I understand, I want to raise the Schmeisser, these intellectual labor proletarians, but why is it worthwhile to dirty a decent man, calling his actions greedy, cynical and unscrupulous? Theodore Bergman was a famous entrepreneur. His talent was primarily in the fact that he knew how to identify advanced directions in mechanical engineering, knew how to pick up personnel and, most importantly, organize production in new, yet mastered areas. One of the first Bergman mastered the production of pneumatic weapons, and even himself was his designer. He organized the production of the first vending machines. In 1894, he masters the production of the first "self-propelled crews", is engaged in the production of racing cars and aircraft engines. At home, it is called the fourth number in the German automotive industry. Having mastered the automotive industry, Theodor Bergman is keen on a new idea - automatic weapons. He sells his auto industry, which after some time becomes known under the brand name "Benz" and begins to closely engage in automatic pistols.
Unlike the current "effective managers" who can steer with equal success with the trading network and the Ministry of Defense, Theodor Bergman not only held a weapon in his hands, but also himself was engaged in designing, was an excellent engineer, he was well and thoroughly versed in the field of mechanical engineering in which he had to work. Well, to whom it is best to apply the epithets "greed", "impudent" and "cynical", we will soon find out.
In 1884, Bergman and Louis Schmeisser set about developing automatic weapons. In 1887, Bergman opens the arms branch of his company in Suhl and appoints him technical director Louis Schmeisser. In 1891, the Schmeisser family befalls misfortune - Louis's wife dies. Children are left without a mother, and a child, deprived of maternal affection and the attention of a father engaged in production, grows, as a rule, selfish. Becoming adults, such people continue to suffer due to the lack of attention to them from others.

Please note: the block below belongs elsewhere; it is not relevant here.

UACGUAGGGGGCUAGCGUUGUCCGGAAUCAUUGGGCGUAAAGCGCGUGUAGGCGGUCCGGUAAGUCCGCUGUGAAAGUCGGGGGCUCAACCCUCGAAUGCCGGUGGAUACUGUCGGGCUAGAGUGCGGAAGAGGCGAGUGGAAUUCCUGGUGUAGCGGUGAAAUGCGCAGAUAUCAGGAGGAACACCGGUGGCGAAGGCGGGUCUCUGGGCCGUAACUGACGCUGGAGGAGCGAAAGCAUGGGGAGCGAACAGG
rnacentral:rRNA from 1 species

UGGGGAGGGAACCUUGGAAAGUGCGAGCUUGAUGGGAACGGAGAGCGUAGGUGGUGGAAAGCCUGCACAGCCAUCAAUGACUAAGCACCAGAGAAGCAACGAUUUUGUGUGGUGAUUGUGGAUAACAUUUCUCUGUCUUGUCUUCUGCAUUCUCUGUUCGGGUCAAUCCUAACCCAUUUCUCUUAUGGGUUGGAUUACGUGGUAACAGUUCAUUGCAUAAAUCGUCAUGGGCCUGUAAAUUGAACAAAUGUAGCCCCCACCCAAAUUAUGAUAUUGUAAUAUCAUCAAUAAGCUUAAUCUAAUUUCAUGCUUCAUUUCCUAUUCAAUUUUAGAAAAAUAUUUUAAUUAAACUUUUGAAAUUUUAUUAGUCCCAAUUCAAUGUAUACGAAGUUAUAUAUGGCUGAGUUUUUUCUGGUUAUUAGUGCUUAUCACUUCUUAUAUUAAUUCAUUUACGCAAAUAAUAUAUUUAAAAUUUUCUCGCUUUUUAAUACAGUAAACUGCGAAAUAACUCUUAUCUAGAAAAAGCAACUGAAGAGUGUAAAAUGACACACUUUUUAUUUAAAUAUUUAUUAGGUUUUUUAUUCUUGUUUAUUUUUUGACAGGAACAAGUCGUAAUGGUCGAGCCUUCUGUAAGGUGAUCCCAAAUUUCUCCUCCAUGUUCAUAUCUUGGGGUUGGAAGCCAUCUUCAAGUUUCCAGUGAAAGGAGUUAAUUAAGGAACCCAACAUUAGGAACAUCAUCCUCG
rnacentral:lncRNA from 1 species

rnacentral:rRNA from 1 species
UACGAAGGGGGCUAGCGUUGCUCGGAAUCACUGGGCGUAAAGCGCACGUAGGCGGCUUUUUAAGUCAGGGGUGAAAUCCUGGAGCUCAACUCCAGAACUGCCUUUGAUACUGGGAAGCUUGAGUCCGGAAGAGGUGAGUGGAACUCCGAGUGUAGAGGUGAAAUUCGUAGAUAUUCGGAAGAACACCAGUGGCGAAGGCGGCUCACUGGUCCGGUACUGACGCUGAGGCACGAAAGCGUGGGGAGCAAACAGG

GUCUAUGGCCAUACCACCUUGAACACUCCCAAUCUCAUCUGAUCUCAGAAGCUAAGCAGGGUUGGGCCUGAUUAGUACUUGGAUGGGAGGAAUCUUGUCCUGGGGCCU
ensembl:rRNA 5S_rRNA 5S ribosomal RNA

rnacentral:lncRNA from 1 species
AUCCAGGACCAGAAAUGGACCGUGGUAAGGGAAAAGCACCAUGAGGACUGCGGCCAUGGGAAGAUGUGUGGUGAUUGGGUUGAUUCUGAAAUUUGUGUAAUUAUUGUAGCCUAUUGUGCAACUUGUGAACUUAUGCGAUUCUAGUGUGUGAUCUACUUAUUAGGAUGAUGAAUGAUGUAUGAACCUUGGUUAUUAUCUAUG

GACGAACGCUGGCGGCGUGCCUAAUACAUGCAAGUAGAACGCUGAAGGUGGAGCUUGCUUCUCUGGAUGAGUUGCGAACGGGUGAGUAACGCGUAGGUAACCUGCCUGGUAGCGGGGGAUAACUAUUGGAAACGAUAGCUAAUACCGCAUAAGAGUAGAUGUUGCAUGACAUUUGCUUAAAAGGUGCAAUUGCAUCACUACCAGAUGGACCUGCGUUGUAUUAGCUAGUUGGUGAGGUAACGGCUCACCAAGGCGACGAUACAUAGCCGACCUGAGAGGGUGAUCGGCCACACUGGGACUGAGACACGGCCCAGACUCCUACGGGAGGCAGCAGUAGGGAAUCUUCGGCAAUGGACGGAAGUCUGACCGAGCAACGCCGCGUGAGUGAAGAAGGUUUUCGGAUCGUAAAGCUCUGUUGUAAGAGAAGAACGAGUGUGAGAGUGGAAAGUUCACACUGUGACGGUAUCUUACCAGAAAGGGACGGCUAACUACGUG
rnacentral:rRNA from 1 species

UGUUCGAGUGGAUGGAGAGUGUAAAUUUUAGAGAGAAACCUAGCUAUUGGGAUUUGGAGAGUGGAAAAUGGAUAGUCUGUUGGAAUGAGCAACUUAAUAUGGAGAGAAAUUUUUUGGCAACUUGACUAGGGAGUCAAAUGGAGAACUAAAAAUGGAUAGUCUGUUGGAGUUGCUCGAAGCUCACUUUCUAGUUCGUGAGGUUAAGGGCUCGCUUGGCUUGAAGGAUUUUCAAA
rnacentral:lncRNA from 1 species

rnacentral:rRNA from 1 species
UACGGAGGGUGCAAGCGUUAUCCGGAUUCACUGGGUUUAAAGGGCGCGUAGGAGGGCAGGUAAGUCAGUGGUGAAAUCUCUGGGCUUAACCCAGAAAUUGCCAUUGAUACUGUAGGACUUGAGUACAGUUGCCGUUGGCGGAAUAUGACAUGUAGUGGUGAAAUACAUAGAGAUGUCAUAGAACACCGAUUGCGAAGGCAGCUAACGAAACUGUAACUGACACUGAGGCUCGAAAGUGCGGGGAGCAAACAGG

Part two. About patents
There are patents and there are patents. A patent makes sense if it cannot be bypassed by another engineering solution, or such a detour is significantly more expensive. For example, a hole at the tip of a needle in a Singer sewing machine, or a hole in the blade of a Spyderco folding knife. But when they receive a patent for the location of the return spring under the barrel, if it can be placed both above and behind and around the barrel, then this is not a patent. This is vanity, and the author of the patent is a patent troll.
Andrei Malakhov’s “Let Them Talk” program has lost a lot due to the untimely death of Luis Schmeisser and Theodor Bergman. The story of how the damned capitalist Bergman aches the talent of an unrecognized genius, attributing to himself all his inventions, and poor Louis Schmeisser, all in tears, goes to work and invent for another company, would surely go into the treasury of his plots. We turn better to two arguments and two facts.
Argument one: if Bergman patented something from inventions made personally by Louis Schmeisser, then the price of these patents was zero. Frankly failed model gun 1894 / 96 of the year. This weapon was designed without an understanding of the physics of the process in automation with a free gate, so it was unreliable and inconvenient. Other models were more reliable, but could not boast large quantities. More successful model "Mars" took part in the competition for the supply to the Kaiser army in the period from 1902 to 1904, but lost to Luger. As engineers, Bergman and Schmeisser could not help but realize that the Browning, Mauser, Luger models have much better market prospects than Schmeisser’s designs. Weak consolation was an order for an experimental batch of “Mars” from Spain. But then Bergman suffered another blow. He signed a contract for the production of pistols with a subcontractor, who after a while banally “threw” him, after which Bergman sold the license to manufacture the Marsow to the Belgians and decided to tie it up with the pistols.
Bergman is no stranger. And what is Schmeisser? Ten years of work, and all down the drain? True, there is still a machine gun, on which Schmeisser and Bergman have been working with 1901 of the year. But the designer is already 57 years old. For the beginning of the twentieth century it is a time. His most capable son, Hugo, is already a fairly mature and independent engineer, ready to take responsibility for developing new weapons. Therefore, it is logical that Louis Schmeisser went to refine the retirement experience in Frankfurt, where he was given the opportunity to continue to engage in pistols, and his son took his place.